Mr Cowen is expected to tell his fellow EU leaders that Ireland is happy to change the treaty to allay German fears over lending to other eurozone countries. But, at Germany’s insistence, any countries tapping the bailout must pay penal interest rates, and this also applies to Ireland.
As a result although the European Commission and the European Stability Fund Mechanism can borrow on the markets at less than 3%. Ireland has to pay more than 5%, plus a handling fee.
For the Commission’s share of the loan of €22.5 billion, Ireland will pay substantially more than the Commission pays for the money, if it draws down the full amount. This “profit” will go back to the member states, including Ireland.
The terms of the money raised as a result of guarantees from the member states is similar, with a premium charged to the lender.
A government source said some people would like to see the Taoiseach raise the issue, especially since many blamed the German Chancellor Angela Merkel’s statement over private investors taking a hit for helping to turn markets against Ireland.
In what is expected to be his second last EU summit representing Ireland, Mr Cowen may be persuaded to raise it, especially as he comes to the meeting with a “yes” vote from the Dáil to the bailout conditions.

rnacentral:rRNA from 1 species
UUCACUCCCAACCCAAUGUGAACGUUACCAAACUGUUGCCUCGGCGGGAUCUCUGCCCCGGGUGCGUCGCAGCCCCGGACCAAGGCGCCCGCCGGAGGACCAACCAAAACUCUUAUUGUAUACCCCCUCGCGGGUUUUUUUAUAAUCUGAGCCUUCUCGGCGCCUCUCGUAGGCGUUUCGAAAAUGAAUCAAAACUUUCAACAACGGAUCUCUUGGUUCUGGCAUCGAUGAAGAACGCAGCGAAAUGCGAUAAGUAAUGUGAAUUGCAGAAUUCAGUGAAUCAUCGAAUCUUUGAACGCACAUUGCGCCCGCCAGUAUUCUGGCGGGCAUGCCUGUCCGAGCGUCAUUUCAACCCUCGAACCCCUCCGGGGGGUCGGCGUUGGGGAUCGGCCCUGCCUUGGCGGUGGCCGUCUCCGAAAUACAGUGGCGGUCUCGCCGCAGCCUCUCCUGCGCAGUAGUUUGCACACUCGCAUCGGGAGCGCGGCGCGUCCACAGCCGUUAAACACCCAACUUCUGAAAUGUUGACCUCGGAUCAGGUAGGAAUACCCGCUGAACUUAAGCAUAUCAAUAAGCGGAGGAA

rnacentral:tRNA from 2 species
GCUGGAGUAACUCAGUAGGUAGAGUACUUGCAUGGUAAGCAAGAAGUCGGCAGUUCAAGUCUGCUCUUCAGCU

The Commission denied the additional charge was abusive. A spokesperson said that the rate had been set by the member state governments and added that even at 5.7% it was preferential compared to the close to 9% the country would be charged by the markets.
It disputed claims that it was charging more than the IMF for money, pointing out that the IMF loan, also of €22.5bn, had a variable interest rate and when computed was the same as that being charged by the Commission. The method of calculating the interest rate was agreed in May for the Greek loan and at the time the Taoiseach defended lending money to Greece at a higher rate of interest than for what Ireland had borrowed it.
The European Court of Auditors will examine any money the Commission lends to Ireland or any other country, Ireland’s member of the Court, Eoin O’Shea, confirmed.
Hungary, Latvia and Romania, who were lent money similarly raised by the European Commission, were not charged a margin, on the basis that the funds were a solidarity issue.